So, you've got an environment in which the Fed doesn't think of inflation as a monetary phenomenon. It's not responsible for inflation. By the time you get to the end of the '70s, inflation is very near 10 percent.

The Richmond Fed did not sign off on what I call "lean against the wind with trade-offs." Richmond maintained its belief in the desirability of price stability and allowing markets to work, not interfering with the operation of the price system. The original bank that argued that inflation was a monetary phenomenon and to control it you'd have to control money creation, that was the St. Louis Fed. That came on pretty early. But Richmond was the next bank after the St. Louis Fed. And that was important. Richmond really became a leader.

The president of the St. Louis Fed, a man named Daryl Francis, he was a committed monetarist. He would come to FOMC meetings and read a statement, and then basically sign off. As Bob Black, president of the Richmond Fed, told me, everybody knew what he was going to say — he would just say, well, we need lower money growth. Members would just take out their tin ear and tune him out.

Now Richmond was different. In those days, you'd have a bank president who was not an economist — some banker or a lawyer or something — and you'd have economists in the research department. Well, that changed with Richmond. Richmond really set a new standard. Our president, Bob Black, was an economist and he was willing to talk about monetary policy in a give-and-take way with the economists. So, when he got into an FOMC meeting and read his statement, he didn't just sign off. He would actually take part in the give-and-take debate. That's where you exercise the real influence.

Sablik: That's a good segue to the next period of the 1980s and 1990s, a period known as the Great Moderation where the Fed successfully brought inflation down under the leadership of Paul Volcker and Alan Greenspan. What was the key to the Fed's success in that era? You also mentioned that Richmond also played a role in driving some of those policy changes.

Hetzel: By the time that Volcker became FOMC chair in August of 1979, the Fed had lost a stable nominal anchor. That is, as inflation rose, expectations of inflation rose. It wasn't like financial markets thought that if inflation rose, yeah it would come back down. We didn't have the kind of monetary regime that would enforce that.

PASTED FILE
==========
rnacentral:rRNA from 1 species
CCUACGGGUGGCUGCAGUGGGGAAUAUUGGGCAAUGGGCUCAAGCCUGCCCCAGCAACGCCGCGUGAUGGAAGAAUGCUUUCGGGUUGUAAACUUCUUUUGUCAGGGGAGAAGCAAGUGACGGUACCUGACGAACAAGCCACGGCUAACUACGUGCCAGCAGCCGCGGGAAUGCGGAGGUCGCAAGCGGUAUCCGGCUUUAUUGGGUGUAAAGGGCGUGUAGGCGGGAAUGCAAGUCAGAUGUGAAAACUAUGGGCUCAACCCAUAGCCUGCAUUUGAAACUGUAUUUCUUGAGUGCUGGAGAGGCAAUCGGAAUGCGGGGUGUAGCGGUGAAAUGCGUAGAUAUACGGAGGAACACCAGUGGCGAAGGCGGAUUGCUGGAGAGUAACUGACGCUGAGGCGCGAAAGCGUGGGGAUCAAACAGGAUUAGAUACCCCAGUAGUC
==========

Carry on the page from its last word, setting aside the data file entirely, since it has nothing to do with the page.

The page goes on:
Volcker was very concerned about inflationary expectations having become unanchored, destabilized. He was especially concerned that, in 1979, you had an oil price shock and inflation shock and he didn't want that high inflation to pass into wage setting. Because of the past and the wage setting and the wage contracts, he realized it would be extraordinarily difficult to lower inflation and maybe he wouldn't be able to do it — society wouldn't put up with it.

Volcker was very focused on inflationary expectations. That's what brought him back to the earlier Martin policies that I call "lean against the wind with credibility." That discipline on restoring nominal expectational stability created this return to pre-emptive increases in the funds rate to prevent the emergence of inflation.

We were providing a stable nominal anchor in terms of the expectations of price stability. And Volcker and Greenspan both said you want to get back to a world where people don't think about inflation because it's not a problem. When firms go to set prices, they set them based on what's a good relative price for them, not what they think inflation is going to be.

And, sure, the Fed has a dual mandate: price stability and maximum employment. But do you then fulfill the maximum employment mandate by trading off between inflation and unemployment? Or do you get it by focusing on price stability and letting the maximum employment objective emerge out of the operation of a healthy economy. That latter is what produced the Great Moderation.

When Volcker retired, there was a retirement banquet for him and he came around to thank people. When he got to Bob Black, he said, "Thank you Bob for being my conscience."

Very early on, Richmond was the bank that pushed for an inflation target. We really began to push for it in in 1994. [Former Richmond Fed President] Al Broaddus told me that when the discussion would come around and Greenspan would look at Bob Black and he would just say, "Oh, no, I feel it coming. Richmond is going to push for an inflation target."

Sablik: Marvin Goodfriend, who was head of the Richmond Fed's Research department, worked with Robert King of Boston University to develop a new way of looking at monetary policy that you alluded to earlier. This is the idea that maintaining low and stable inflation should be a central bank's primary objective because the price system will work itself out. Can you elaborate on that?

Hetzel: This gets into the role of models and how we use models to think about monetary policy.